Thus some other number must be invariant under taking negatives formally, by the orbit-stabilizer theorem. Note that this negative being the same number is detected as an overflow condition since there was a carry into but not out of the most-significant bit. This can lead to unexpected bugs in that an unchecked implementation of absolute value could return a negative number in the case of the minimum negative.

The abs family of integer functions in C typically has this behaviour. This is also true for Java. The most negative number in two's complement is sometimes called "the weird number," because it is the only exception. Although the number is an exception, it is a valid number in regular two's complement systems. All arithmetic operations work with it both as an operand and unless there was an overflow a result. For example, with eight bits, the unsigned bytes are 0 to Fundamentally, the system represents negative integers by counting backward and wrapping around.

The boundary between positive and negative numbers is arbitrary, but by convention all negative numbers have a left-most bit most significant bit of one. Negating a two's complement number is simple: Invert all the bits and add one to the result.

The system is useful in simplifying the implementation of arithmetic on computer hardware. Overflow checks still must exist to catch operations such as summing and The system therefore allows addition of negative operands without a subtraction circuit and a circuit that detects the sign of a number. Moreover, that addition circuit can also perform subtraction by taking the two's complement of a number see below , which only requires an additional cycle or its own adder circuit.

To perform this, the circuit merely pretends an extra left-most bit of 1 exists. Adding two's-complement numbers requires no special processing even if the operands have opposite signs: This process depends upon restricting to 8 bits of precision; a carry to the nonexistent 9th most significant bit is ignored, resulting in the arithmetically correct result of 10 The last two bits of the carry row reading right-to-left contain vital information: An overflow condition exists when these last two bits are different from one another.

As mentioned above, the sign of the number is encoded in the MSB of the result. In other terms, if the left two carry bits the ones on the far left of the top row in these examples are both 1s or both 0s, the result is valid; if the left two carry bits are "1 0" or "0 1", a sign overflow has occurred. Conveniently, an XOR operation on these two bits can quickly determine if an overflow condition exists. As an example, consider the signed 4-bit addition of 7 and In this case, the far left two MSB carry bits are "01", which means there was a two's-complement addition overflow.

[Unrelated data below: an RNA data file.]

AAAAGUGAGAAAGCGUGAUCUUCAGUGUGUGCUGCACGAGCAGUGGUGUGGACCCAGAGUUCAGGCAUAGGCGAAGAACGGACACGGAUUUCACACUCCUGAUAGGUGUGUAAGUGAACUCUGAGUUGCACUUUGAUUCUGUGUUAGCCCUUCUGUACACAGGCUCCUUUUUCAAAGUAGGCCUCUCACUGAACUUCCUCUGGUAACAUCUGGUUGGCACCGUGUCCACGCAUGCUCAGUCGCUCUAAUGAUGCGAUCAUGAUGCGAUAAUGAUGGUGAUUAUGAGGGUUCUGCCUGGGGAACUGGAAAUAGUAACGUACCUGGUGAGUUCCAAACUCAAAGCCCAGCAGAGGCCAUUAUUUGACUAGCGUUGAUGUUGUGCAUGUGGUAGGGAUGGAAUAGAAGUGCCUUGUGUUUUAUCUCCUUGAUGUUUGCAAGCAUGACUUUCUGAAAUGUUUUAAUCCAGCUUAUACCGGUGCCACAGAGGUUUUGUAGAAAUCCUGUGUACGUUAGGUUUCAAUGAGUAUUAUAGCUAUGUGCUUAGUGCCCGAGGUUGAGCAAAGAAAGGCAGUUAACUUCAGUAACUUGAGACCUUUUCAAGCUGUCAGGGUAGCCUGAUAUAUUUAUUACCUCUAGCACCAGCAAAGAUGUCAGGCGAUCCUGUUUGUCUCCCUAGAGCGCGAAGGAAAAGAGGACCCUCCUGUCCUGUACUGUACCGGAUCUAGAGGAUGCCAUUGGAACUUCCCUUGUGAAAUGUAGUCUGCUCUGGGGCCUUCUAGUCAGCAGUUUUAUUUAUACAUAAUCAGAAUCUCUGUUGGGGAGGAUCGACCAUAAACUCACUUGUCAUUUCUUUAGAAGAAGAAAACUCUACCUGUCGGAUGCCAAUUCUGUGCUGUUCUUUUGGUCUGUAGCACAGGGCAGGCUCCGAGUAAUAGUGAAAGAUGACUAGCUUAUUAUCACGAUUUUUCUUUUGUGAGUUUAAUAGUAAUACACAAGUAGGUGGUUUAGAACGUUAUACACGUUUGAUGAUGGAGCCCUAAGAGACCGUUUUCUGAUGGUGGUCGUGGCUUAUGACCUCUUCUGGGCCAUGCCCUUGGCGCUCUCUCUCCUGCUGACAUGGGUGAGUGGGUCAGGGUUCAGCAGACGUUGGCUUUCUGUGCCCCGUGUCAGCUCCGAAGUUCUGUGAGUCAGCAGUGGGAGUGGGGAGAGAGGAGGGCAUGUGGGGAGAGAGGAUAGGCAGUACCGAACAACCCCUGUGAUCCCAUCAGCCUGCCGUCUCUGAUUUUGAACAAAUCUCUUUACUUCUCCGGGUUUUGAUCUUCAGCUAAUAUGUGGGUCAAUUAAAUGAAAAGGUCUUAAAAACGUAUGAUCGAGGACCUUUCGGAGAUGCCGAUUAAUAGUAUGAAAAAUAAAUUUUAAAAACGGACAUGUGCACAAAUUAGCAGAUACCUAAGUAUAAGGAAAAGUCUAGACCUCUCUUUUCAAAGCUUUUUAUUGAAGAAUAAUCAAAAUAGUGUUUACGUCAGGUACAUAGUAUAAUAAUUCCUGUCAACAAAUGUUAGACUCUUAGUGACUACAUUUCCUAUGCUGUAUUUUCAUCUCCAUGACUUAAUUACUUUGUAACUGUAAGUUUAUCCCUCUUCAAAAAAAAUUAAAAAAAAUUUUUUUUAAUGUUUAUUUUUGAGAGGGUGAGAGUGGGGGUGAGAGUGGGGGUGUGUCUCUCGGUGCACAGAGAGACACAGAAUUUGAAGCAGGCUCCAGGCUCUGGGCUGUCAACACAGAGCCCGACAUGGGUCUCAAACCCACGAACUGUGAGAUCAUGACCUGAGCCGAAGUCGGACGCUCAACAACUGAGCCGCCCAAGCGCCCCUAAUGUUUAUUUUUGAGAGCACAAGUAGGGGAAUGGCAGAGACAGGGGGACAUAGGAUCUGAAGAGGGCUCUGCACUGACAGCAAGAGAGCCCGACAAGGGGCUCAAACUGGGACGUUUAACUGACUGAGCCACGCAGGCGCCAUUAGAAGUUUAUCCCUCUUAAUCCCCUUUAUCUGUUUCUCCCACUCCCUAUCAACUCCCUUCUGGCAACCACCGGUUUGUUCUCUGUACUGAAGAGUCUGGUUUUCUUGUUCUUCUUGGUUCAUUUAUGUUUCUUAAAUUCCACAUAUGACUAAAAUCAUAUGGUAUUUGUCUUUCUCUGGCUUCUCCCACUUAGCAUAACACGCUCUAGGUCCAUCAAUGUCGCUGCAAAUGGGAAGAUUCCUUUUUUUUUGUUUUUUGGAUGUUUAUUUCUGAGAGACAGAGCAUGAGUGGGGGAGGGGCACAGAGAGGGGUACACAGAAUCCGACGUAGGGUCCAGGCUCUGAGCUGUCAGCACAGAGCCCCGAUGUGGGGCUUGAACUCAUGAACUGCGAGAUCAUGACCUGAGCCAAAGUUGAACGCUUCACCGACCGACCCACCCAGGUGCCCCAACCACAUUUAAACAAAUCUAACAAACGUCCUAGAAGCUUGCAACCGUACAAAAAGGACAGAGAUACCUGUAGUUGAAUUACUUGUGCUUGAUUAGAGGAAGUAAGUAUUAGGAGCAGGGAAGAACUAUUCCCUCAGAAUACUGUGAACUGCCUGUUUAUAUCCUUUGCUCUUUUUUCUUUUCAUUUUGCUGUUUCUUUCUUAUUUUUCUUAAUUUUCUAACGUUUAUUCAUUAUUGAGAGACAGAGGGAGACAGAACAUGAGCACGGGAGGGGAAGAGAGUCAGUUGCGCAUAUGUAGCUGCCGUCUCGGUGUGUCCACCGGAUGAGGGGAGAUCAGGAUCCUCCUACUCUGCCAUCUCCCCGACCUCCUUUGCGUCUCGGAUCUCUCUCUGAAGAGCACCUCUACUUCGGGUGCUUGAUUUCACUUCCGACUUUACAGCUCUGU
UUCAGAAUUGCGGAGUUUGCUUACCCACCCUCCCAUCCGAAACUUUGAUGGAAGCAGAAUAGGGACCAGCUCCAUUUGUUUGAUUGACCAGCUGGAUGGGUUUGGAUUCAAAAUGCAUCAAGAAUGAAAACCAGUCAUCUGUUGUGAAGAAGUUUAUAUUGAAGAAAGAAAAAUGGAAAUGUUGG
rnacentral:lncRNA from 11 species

It is then possible, if desired, to 'truncate' the result back to N bits while preserving the value if and only if the discarded bit is a proper sign extension of the retained result bits. If the carry extends past the end of the word it is said to have "wrapped around", a condition called an " end-around carry ". When this occurs, the bit must be added back in at the right-most bit. This phenomenon does not occur in two's complement arithmetic. Subtraction is similar, except that borrows, rather than carries, are propagated to the left.

If the borrow extends past the end of the word it is said to have "wrapped around", a condition called an " end-around borrow ". When this occurs, the bit must be subtracted from the right-most bit. It is easy to demonstrate that the bit complement of a positive value is the negative magnitude of the positive value. Negative zero is the condition where all bits in a signed word are 1. This follows the ones' complement rules that a value is negative when the left-most bit is 1, and that a negative number is the bit complement of the number's magnitude.

The value also behaves as zero when computing. Negative zero is easily produced in a 1's complement adder. Simply add the positive and negative of the same magnitude. Although the math always produces the correct results, a side effect of negative zero is that software must test for negative zero. The generation of negative zero becomes a non-issue if addition is achieved with a complementing subtractor. The first operand is passed to the subtract unmodified, the second operand is complemented, and the subtraction generates the correct result, avoiding negative zero.

If the second operand is negative zero it is inverted and the original value of the first operand is the result. The result can be only 1 of two cases. In case 2, the subtraction will generate a value that is 1 larger than operand 1 and an end-around borrow.

Completing the borrow generates the same value as operand 1. From Wikipedia, the free encyclopedia.